Clearly, literary superhero Atticus Finch is an extremely complex character with a wildly fluctuating reputation (especially after the release of Go Set a Watchman). No matter how you feel about the father of Jem and Scout, it can’t be denied that his foresight and individuality sets him apart from peers in his community. While his Intuition (N) is introverted, his Feeling (Fe) is very extroverted- seen in how he encourages Scout to look at the world from a new perspective. One of the INFJ’s greatest assets is their diplomatic attitude, and Finch embodies this perfectly with his deep thinking and desire to make everybody happy, if possible.

Nitta Sayuri (Chiyo)


“This is why dreams can be such a dangerous thing; they smolder on like a fire does, and sometimes they consume us completely.”

One of the reasons I loved Memoirs of a Geisha so much was because I truly felt like I identified with the main character, Sayuri. In true INFJ fashion, she is quiet, reserved, and peaceful on the outside. On the inside, however, Sayuri is brewing with visions of an idealistic future for herself and the Chairman. Sayuri is a hopeless romantic, often lost in the dream of what could be. She understands the balance between reality and idealism, but still secretly hopes for a future in which her soul can truly flourish. Delicate as a flower, but stronger than fire, Sayuri weaves a beautiful account of the INFJ in Memoirs of a Geisha.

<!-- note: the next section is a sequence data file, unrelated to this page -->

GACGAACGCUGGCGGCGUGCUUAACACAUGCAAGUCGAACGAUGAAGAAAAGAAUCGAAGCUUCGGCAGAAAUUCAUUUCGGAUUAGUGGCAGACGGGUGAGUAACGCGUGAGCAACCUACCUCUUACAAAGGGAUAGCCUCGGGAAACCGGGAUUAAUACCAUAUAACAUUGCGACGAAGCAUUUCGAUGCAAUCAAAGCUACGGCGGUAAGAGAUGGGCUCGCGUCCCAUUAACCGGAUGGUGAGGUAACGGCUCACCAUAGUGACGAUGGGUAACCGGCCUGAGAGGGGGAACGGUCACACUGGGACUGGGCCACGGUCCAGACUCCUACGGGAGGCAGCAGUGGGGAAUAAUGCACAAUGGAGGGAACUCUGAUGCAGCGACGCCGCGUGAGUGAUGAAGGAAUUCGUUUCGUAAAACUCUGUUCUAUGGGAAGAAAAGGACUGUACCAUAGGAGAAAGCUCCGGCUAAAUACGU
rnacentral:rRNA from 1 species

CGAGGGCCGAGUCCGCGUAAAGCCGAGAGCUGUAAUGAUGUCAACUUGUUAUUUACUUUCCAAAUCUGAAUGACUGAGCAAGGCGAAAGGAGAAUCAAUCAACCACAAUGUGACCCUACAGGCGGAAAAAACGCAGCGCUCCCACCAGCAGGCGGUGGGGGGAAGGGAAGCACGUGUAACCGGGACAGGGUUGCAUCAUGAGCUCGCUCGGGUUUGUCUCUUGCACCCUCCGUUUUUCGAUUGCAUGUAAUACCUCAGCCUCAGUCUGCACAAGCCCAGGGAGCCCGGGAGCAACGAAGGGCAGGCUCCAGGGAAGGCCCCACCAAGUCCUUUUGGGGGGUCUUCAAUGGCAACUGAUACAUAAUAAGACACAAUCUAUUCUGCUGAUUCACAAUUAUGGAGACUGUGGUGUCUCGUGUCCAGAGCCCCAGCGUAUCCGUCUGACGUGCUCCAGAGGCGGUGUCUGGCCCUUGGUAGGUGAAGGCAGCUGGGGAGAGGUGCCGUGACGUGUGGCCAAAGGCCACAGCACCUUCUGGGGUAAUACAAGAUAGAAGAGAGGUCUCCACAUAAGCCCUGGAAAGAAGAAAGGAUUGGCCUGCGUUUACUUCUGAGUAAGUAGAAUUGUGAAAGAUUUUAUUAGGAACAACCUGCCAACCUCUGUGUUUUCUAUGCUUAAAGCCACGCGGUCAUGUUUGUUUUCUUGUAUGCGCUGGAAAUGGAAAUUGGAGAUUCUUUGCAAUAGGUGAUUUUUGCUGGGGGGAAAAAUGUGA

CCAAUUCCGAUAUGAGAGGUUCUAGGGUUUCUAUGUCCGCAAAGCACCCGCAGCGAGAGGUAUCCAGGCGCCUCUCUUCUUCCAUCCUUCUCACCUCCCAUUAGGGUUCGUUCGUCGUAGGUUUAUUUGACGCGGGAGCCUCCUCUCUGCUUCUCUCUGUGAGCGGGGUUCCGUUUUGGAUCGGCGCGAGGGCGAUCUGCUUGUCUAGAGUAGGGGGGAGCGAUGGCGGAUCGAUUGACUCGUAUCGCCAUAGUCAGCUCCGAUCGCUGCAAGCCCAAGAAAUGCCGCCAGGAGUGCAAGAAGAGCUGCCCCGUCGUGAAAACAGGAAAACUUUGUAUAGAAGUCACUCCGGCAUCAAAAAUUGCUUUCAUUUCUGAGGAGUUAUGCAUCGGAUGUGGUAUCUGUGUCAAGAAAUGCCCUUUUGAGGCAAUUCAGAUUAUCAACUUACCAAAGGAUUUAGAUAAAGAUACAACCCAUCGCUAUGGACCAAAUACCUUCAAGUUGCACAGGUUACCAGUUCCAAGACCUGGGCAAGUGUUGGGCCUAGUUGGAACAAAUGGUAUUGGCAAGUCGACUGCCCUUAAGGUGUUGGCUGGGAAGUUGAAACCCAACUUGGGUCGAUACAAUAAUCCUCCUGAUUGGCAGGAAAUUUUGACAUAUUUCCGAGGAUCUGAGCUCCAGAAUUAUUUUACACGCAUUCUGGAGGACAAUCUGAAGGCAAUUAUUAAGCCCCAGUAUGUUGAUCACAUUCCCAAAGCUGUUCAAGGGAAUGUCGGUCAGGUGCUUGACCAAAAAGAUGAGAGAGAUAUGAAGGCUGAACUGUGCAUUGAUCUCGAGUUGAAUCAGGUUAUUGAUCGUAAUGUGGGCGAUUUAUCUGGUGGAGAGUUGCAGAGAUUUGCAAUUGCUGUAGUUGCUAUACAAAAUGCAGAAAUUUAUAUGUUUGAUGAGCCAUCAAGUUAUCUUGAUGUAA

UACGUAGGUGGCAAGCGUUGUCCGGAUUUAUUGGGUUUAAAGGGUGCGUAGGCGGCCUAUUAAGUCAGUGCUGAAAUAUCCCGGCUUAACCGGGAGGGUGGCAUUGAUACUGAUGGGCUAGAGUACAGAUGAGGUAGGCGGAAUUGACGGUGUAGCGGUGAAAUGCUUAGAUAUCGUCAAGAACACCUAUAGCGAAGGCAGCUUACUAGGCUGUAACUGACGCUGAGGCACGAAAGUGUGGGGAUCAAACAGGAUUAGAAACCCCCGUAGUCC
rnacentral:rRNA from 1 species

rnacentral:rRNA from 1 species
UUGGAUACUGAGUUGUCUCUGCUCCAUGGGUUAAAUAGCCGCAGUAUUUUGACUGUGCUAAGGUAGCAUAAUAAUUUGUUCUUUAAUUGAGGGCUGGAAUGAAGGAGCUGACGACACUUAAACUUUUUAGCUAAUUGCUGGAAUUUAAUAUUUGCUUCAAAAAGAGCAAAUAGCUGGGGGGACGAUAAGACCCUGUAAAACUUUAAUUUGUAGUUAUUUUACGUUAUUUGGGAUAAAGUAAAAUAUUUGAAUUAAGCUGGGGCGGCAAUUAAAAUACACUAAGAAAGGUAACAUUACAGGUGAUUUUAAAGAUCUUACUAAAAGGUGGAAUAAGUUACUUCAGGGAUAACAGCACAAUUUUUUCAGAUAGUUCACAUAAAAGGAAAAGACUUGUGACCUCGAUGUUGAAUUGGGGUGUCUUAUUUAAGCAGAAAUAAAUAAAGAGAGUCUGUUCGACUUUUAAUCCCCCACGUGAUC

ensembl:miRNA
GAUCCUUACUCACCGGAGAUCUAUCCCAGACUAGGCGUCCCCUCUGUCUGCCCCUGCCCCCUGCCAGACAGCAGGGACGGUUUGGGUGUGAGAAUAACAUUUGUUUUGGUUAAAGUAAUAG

Lindsay Weir

lindsay weir.jpg

“Just ’cause a girl speaks her mind, doesn’t mean she’s a psycho.”

If you were a teenager in the 1990s, there’s a solid chance you probably remember the short-lived television show Freaks and Geeks. Lindsay, who openly struggles with peer pressure throughout the season, is easily swayed by her friends. She also serves as a mediator for many of the characters, quietly observing the change in her friends as they grow and mature together. Lindsay is perhaps one of the most thoughtful characters on the show, viewing life as a big picture rather than a collection of small details.